ECB’s Lane: High Level of Two-Sided Uncertainty; Hard to Determine Underlying Inflation

22 September 2023

By David Barwick – FRANKFURT (Econostream) – European Central Bank Executive Board member Philip Lane on Friday said that various factors would make the ECB’s assessment of inflation in the near term especially difficult and that wage trends in particular would resist analysis for many months.

In a speech at the Money Marketeers of New York University, Lane highlighted the ‘high level of two-sided uncertainty around the baseline’, which necessarily made the question of level and duration of monetary policy restrictiveness data-dependent.

The ‘significant role’ of base effects in inflation over the next months would impede efforts to determine underlying developments, he said. Wages and profits would be key questions, but ‘[i]t will be well into the new year before the area-wide 2024 wage trends become fully visible: this fundamental source of uncertainty will not be resolved any time soon.’

Along with faster growth in wages and profit margins, an increase in expectations or higher energy and food costs could threaten the inflation outlook ahead, he said. Softer demand in the wake of tighter monetary policy or global economic weakness was a downside inflation risk, he said.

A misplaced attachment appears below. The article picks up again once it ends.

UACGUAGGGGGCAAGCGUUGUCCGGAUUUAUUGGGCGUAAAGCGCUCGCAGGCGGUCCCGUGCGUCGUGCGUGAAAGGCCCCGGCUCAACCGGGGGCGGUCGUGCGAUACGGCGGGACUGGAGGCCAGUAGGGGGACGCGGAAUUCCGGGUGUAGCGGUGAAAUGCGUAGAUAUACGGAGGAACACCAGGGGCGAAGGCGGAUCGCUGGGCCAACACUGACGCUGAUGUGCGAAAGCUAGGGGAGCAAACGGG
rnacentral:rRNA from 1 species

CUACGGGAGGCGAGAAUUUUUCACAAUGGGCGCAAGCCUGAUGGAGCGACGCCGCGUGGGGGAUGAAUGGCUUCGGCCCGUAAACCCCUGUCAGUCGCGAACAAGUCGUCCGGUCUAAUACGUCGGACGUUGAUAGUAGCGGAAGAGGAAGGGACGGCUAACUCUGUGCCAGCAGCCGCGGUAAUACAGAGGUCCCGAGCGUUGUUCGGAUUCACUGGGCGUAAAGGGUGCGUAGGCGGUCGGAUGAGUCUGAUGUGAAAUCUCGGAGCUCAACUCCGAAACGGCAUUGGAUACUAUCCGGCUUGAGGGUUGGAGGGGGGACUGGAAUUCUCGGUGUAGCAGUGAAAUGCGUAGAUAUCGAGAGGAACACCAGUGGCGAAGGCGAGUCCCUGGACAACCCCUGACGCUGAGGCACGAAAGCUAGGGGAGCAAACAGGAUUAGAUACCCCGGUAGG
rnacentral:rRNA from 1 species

‘The risks to economic growth are tilted to the downside’, he said. ‘Economic growth could be slower if the effects of monetary policy are more forceful than expected or if the world economy weakens owing, for instance, to a further slowdown in China.’

‘That said, growth could be higher than projected if the strong labour market, rising real incomes and receding uncertainty mean that people and businesses become more confident and spend more’, he said.

Meanwhile, job markets were showing ‘signs of losing momentum’, he said, with employers ‘more reluctant to hire in the face of deteriorating demand and gloomier prospects for the year ahead. In addition, strong labour demand has begun to moderate, with indicators of job vacancy rates edging down in recent months.’

Without being specific about coming monetary policy decisions, Lane explained last week’s rate hike by noting that data had generally confirmed the inflation outlook, that underlying pressures were softening and that policy transmission was ‘firmly taking hold.’

Economic weakening would continue in the short run, with activity set to be ‘considerably lower’ than anticipated, he said. ‘The resulting additional slack will further contribute to the disinflation process, while a significant portion of the tightening from our past rate hikes is still in the pipeline’, he said.

Last week’s hike would help the ECB achieve price stability by bolstering confidence in a timely return to the target and because ‘a higher level of the interest rate will more strongly limit the amplification of any upside shocks to the inflation path, in view of the interaction dynamics between inflation shocks and the overall demand environment’, he said.

‘It follows that, all else being equal, a more secure pace of disinflation and greater insurance against upside risks will also reinforce the anchoring of inflation expectations, which remains a precondition for the disinflation process to keep up its pace’, he added.